So how can DevOps stay one step ahead of the curve?

Dealing with the challenges

With folding smartphones in the spotlight, DevOps teams will need to ensure that their apps are fully prepared to perform. As such, a greater emphasis will be placed on Quality Assurance (QA) teams and the testing they need to achieve in order to cover all the test scenarios.

QA teams will need to allocate time for fine tuning and testing apps to ensure that they’re are able to work on new devices. In addition, developers will need to consider important enhancements to their mobile native apps. Key points to consider will include catering for increased memory requirements and battery usage, multi-window functionality - and ensuring robust UI testing. Support for responsive web apps on a foldable device will be challenging too, particularly when we look at an Android ecosystem which does not have as much experience in maintaining tablet ‘footprint’ quality as iOS.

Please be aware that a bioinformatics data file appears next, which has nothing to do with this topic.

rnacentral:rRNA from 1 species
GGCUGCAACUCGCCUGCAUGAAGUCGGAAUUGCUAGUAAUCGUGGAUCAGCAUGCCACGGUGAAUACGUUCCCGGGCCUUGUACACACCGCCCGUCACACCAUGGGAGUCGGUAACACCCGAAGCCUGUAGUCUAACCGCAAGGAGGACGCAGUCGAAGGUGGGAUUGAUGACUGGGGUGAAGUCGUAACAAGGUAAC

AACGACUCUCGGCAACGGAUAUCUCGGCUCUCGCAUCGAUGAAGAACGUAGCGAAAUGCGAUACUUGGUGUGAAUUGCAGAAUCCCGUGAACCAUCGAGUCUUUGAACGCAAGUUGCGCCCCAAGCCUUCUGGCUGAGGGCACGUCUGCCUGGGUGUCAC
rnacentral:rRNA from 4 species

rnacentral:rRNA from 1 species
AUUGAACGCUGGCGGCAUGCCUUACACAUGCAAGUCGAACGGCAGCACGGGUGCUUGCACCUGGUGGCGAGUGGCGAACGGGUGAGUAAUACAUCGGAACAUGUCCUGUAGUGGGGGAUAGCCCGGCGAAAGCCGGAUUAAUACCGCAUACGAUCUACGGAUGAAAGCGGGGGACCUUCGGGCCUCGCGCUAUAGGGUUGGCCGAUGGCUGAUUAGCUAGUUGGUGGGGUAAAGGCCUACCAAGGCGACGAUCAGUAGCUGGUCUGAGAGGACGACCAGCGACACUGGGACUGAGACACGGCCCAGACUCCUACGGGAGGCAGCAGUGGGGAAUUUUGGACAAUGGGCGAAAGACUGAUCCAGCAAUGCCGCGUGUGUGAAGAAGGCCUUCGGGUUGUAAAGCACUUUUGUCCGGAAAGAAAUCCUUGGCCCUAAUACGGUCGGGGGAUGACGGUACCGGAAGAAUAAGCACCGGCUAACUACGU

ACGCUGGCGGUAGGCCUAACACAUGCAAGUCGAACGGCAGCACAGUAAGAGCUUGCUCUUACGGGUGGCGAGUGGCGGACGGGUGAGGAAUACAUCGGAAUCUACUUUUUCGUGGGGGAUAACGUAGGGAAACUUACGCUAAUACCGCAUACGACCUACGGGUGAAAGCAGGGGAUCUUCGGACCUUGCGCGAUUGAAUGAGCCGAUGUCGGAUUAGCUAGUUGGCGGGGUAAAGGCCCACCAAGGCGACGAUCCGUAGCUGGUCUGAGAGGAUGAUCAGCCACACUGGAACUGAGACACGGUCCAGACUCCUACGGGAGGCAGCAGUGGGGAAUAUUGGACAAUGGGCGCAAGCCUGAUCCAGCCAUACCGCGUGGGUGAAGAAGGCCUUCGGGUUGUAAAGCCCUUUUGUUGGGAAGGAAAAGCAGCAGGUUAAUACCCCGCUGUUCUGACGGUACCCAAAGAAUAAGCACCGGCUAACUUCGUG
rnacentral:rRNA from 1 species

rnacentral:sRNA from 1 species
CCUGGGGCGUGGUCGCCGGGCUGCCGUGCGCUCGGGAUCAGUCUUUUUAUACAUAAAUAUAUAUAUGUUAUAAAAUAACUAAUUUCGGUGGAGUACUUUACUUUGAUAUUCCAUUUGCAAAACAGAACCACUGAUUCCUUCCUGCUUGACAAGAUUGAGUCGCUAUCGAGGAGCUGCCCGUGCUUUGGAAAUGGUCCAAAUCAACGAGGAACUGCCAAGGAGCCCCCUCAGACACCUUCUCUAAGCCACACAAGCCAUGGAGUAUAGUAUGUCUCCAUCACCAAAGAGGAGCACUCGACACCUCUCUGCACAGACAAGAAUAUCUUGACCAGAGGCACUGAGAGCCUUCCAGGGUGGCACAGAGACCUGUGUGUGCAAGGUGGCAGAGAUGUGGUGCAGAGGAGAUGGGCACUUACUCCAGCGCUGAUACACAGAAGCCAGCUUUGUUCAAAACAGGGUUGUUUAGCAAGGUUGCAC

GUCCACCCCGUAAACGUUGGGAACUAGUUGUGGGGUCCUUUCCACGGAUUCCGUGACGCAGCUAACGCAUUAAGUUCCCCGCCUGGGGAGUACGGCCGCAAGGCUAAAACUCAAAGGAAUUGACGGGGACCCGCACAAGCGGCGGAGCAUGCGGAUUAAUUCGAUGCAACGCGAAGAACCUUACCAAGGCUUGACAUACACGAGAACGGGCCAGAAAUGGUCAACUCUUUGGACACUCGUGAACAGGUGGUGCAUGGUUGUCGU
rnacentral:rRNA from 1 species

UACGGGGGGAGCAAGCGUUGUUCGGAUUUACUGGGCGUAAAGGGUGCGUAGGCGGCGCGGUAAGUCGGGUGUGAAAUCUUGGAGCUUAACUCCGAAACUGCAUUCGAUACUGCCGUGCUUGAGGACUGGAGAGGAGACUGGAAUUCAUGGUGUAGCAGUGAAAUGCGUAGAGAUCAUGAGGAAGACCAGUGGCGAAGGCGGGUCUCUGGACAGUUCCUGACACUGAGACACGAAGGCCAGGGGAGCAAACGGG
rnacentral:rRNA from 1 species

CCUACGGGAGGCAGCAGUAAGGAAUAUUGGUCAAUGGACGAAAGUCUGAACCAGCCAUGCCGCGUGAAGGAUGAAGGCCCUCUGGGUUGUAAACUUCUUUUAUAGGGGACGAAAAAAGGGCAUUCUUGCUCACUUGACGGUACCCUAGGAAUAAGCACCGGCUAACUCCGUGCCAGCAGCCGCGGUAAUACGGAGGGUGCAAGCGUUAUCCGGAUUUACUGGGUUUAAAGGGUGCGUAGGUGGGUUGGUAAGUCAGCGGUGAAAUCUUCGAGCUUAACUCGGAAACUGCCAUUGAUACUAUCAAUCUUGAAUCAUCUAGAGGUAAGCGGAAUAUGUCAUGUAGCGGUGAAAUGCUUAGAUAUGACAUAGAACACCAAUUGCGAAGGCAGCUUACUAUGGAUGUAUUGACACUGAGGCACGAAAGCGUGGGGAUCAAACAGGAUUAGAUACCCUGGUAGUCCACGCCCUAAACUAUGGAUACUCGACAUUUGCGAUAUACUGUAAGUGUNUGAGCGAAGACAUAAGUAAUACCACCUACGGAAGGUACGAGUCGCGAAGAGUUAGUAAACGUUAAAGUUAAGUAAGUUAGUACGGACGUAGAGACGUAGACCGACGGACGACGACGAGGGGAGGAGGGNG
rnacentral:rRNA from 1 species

Of course, apps will have to be made so they are adjustable to different screen sizes, and the need to create apps for regular phones and foldable phones will likely increase the time and cost of app development. Another complication is the idea that apps running on foldables are going to use the multi-resume split screen feature introduced in 2018’s Android Pie operating system. This poses a challenge because devices will have juggle the needs of up to three apps running in the foreground (i.e. the ones displayed on screen simultaneously), which will all be competing for core system resources like processing power, memory and battery consumption. Then, it’s made even tougher when these apps also compete for shared specific smartphone device resources like the camera, location services, voice commands and so on.